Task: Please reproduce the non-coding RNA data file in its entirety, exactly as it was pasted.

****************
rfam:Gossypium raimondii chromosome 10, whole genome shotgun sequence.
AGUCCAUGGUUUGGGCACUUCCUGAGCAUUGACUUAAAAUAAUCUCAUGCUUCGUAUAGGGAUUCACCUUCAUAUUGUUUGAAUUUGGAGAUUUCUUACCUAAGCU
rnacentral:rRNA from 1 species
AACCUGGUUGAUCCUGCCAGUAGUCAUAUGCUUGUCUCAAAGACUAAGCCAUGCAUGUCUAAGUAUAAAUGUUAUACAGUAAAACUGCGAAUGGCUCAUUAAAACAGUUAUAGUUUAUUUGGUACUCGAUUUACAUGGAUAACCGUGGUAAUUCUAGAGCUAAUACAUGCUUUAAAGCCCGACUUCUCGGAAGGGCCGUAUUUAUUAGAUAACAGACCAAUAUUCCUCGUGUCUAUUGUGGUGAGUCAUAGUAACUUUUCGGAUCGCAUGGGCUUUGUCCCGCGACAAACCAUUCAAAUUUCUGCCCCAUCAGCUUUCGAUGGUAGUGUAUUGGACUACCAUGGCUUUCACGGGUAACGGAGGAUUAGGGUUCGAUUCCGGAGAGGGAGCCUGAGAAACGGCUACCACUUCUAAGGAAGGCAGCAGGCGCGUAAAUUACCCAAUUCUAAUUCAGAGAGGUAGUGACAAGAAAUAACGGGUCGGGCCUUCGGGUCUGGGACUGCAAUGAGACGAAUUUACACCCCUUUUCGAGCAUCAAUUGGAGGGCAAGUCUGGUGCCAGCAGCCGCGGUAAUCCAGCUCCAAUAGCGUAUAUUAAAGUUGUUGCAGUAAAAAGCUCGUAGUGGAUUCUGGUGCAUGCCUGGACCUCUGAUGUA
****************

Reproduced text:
rfam:Gossypium raimondii chromosome 10, whole genome shotgun sequence.
AGUCCAUGGUUUGGGCACUUCCUGAGCAUUGACUUAAAAUAAUCUCAUGCUUCGUAUAGGGAUUCACCUUCAUAUUGUUUGAAUUUGGAGAUUUCUUACCUAAGCU
rnacentral:rRNA from 1 species
AACCUGGUUGAUCCUGCCAGUAGUCAUAUGCUUGUCUCAAAGACUAAGCCAUGCAUGUCUAAGUAUAAAUGUUAUACAGUAAAACUGCGAAUGGCUCAUUAAAACAGUUAUAGUUUAUUUGGUACUCGAUUUACAUGGAUAACCGUGGUAAUUCUAGAGCUAAUACAUGCUUUAAAGCCCGACUUCUCGGAAGGGCCGUAUUUAUUAGAUAACAGACCAAUAUUCCUCGUGUCUAUUGUGGUGAGUCAUAGUAACUUUUCGGAUCGCAUGGGCUUUGUCCCGCGACAAACCAUUCAAAUUUCUGCCCCAUCAGCUUUCGAUGGUAGUGUAUUGGACUACCAUGGCUUUCACGGGUAACGGAGGAUUAGGGUUCGAUUCCGGAGAGGGAGCCUGAGAAACGGCUACCACUUCUAAGGAAGGCAGCAGGCGCGUAAAUUACCCAAUUCUAAUUCAGAGAGGUAGUGACAAGAAAUAACGGGUCGGGCCUUCGGGUCUGGGACUGCAAUGAGACGAAUUUACACCCCUUUUCGAGCAUCAAUUGGAGGGCAAGUCUGGUGCCAGCAGCCGCGGUAAUCCAGCUCCAAUAGCGUAUAUUAAAGUUGUUGCAGUAAAAAGCUCGUAGUGGAUUCUGGUGCAUGCCUGGACCUCUGAUGUA